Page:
The organization said conditions are so bad, healthy people become sick after they arrive, the BBC reported Thursday. The organization said there was only one toilet for every 3,000 refugees at the camp and new arrivals must build their own shelters.
Militants seized control of major cities in northern Mali and imposed strict Islamic law following a coup in March 2012. Since January, French and Chadian troops have been aiding Malian forces in fighting the militants and have recaptured the area, but fighting still occurs in the mountains.
The report, "Stranded in the Desert," is based on testimony from more than 100 residents of the Mbera camp.
The report said refugees receive only 2.9 gallons of water a day while temperatures can reach 122 degrees F, and there is a desperate shortage of toilets although more are now being built.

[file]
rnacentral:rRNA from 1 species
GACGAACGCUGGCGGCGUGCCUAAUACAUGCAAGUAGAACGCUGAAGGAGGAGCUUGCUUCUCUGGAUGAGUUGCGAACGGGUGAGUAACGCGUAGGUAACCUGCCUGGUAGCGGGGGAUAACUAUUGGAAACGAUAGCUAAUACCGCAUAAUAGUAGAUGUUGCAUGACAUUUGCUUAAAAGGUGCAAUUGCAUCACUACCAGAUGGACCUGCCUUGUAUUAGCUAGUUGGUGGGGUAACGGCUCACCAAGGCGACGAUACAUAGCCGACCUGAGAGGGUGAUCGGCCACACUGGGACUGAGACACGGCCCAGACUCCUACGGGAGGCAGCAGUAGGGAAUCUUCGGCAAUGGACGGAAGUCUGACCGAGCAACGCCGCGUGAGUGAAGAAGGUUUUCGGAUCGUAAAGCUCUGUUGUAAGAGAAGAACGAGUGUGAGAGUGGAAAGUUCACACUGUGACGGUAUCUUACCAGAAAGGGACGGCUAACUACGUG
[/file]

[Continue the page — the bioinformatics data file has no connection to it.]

New arrivals at the camp are waiting for more than a month to receive housing materials, and must use sticks and scraps of cloth to build makeshift shelters from in the interim.
"The number of consultations in [Doctors Without Borders] clinics in the Mbera camp has increased from 1,500 to 2,500 per week," the organization said. "The number of children admitted per week for severe malnutrition has more than doubled, from 42 to 106, despite the nutritional status of the new refugees being generally good when assessed on arrival in the camp."
The group said the situation has improved recently, but is calling on other aid organizations operating in the camp to ramp up efforts to provide shelter, clean water, bathrooms and food at minimum humanitarian standards.
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